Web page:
If the software experience is identical, then there must be a reason to put all this effort into moving from x86 to Arm? Of course, there are quite a few good reasons.
One of the key benefits of the Arm architecture over x86/x64 chips developed by AMD and Intel is power consumption. This has major implications for consumer products, from longer battery life to thinner and fan-less designs. Arm-based processors have also come on leaps and bounds in terms of performance. Apple’s M1 chip can rival the performance of mid-tier Intel CPUs while consuming just a fraction of the power.
Apple's latest Arm-based SoCs are an impressive technical showcase of the alternative architecture.
We haven’t seen Arm’s Cortex CPUs hit these performance highs yet, so don’t expect bleeding-edge performance from Windows on Arm, but Qualcomm purchased CPU designer Nuvia with the explicit purpose of building more powerful custom CPUs.
The move to Arm-based processors isn’t just about CPU power, it’s also linked to the growing gap between traditional CPUs and SoCs as more expansive platforms. Qualcomm, for instance, bundles graphics, modem, machine learning, image processing, sensor hub, and security technologies into its Snapdragon 8cx Gen 3 platform. Likewise, Apple has its own equivalent technologies packed into its M1 series.
By comparison, Intel includes CPU, integrated graphics, and some security enclave features in its chipsets. So they’re still more focused on the traditional workhorse paradigm rather than the all-inclusive approach we’ve come to associate with Arm SoCs. Intel and AMD processors still require additional external components in order to embrace broader and newer use cases, such as 5G networking.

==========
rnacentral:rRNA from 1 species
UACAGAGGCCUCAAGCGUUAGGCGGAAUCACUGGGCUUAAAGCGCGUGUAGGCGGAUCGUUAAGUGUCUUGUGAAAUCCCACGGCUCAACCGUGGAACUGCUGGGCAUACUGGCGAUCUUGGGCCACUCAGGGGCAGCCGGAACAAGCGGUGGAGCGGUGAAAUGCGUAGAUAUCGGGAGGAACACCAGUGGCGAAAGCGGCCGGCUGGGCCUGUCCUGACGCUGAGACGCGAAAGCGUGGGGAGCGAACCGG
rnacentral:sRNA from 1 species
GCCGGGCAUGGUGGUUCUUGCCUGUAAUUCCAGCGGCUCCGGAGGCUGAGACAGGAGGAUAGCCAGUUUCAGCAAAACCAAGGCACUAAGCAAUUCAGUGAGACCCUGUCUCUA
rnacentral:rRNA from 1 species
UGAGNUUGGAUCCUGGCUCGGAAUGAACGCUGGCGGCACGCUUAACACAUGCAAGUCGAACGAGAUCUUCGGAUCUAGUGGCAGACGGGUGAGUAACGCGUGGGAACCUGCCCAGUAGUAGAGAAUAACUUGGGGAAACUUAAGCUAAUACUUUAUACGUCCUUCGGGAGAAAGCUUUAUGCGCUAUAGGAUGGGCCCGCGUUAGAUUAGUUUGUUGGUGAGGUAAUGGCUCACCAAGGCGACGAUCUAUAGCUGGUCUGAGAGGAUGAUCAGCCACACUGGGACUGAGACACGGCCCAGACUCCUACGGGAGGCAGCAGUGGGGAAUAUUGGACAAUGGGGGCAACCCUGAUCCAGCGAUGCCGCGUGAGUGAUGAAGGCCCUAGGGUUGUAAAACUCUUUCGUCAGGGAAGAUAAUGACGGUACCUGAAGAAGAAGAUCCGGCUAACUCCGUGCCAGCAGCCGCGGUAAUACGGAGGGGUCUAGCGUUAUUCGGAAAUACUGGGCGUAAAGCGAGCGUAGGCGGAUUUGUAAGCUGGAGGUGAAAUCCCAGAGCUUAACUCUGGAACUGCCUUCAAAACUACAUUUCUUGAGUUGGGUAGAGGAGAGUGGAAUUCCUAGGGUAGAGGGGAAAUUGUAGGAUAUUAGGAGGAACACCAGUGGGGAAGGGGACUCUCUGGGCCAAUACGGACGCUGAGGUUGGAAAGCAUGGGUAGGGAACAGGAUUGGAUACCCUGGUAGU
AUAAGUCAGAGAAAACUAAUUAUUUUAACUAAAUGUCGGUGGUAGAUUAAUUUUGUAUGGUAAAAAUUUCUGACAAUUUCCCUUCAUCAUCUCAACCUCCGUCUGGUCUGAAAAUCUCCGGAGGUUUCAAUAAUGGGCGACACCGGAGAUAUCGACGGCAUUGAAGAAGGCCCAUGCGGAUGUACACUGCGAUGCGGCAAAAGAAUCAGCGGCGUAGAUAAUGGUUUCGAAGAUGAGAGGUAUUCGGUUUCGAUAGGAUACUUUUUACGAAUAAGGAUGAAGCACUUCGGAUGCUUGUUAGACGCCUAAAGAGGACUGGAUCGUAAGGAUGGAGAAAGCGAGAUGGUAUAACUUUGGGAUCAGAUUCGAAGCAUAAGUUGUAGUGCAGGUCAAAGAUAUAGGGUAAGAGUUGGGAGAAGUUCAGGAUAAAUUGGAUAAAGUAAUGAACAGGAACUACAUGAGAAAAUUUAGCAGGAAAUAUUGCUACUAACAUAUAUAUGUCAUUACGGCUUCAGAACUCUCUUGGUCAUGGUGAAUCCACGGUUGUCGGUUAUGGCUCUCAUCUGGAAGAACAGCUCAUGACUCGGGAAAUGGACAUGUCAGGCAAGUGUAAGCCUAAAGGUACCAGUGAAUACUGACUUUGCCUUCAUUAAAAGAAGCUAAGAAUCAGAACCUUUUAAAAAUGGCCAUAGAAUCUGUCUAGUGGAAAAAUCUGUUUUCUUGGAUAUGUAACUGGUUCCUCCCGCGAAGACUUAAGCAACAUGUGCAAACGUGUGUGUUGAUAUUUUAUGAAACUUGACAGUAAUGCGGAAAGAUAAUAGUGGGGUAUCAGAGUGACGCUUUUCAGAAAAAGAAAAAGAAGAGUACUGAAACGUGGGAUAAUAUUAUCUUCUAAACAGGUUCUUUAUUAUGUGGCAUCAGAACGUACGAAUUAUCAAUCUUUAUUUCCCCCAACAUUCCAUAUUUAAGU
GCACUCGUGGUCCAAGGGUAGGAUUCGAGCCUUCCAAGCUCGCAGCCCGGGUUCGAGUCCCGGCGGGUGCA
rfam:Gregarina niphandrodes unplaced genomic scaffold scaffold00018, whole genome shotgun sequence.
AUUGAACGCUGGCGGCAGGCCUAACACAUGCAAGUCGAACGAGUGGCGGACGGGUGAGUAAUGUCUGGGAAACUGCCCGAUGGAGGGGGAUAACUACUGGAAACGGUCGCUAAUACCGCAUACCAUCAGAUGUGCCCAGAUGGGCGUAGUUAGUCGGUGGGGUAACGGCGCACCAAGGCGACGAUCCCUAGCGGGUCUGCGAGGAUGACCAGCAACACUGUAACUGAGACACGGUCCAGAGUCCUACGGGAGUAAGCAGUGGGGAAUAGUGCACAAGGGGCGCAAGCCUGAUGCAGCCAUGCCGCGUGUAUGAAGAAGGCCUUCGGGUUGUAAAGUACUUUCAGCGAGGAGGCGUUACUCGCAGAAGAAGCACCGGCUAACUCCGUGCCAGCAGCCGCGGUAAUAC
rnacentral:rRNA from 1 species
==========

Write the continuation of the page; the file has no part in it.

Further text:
In other words, Arm-based SoCs are complete integrated solutions that offer many benefits beyond simple performance and energy efficiency.
Emulation vs native apps
The core Windows on Arm experience, such as the Start Menu and File Explorer, are all compiled for and run natively on Arm chips, ensuring maximum performance. That is to say, they run directly on the processor with no need for translation, emulation, or any other middle layer, just like they do on an x86 PC. Windows also supports native applications compelled to run specifically on Arm hardware. The list of native apps is continually growing and now includes Microsoft Edge, Firefox, Adobe Photoshop, Netflix, VLC, and Zoom, to name but a few.
With the introduction of Windows 11 and enhanced 64-bit support, Microsoft now has two avenues to help developers build apps for its platform. The first is fully native (ARM64 ABI) where the entire codebase is compiled for Arm. The second is partially native (ARM64EC ABI), whereby part of the code is built for Arm while parts that currently don’t have working Arm dependencies or plugins run in emulation. The latter option is designed to help developers migrate and improve the performance of their apps, even if some of the code they rely on can’t run natively yet.
Emulation ensures all your favorite apps work correctly, but there is a slight performance penalty.
Although native apps are preferable, emulation is the key to Windows on Arm’s success (and Apple’s Arm-based Macs too). Users want to be able to run their entire back catalog of software, including software that may no longer be supported and thus is unlikely to ever see a native Arm update. If you’re not familiar with the concept, emulation takes software compiled for one architecture (such as x86) and converts it into machine code that will run on a different processor architecture, in this case, Arm. There is a small but tangible performance penalty for performing this conversion.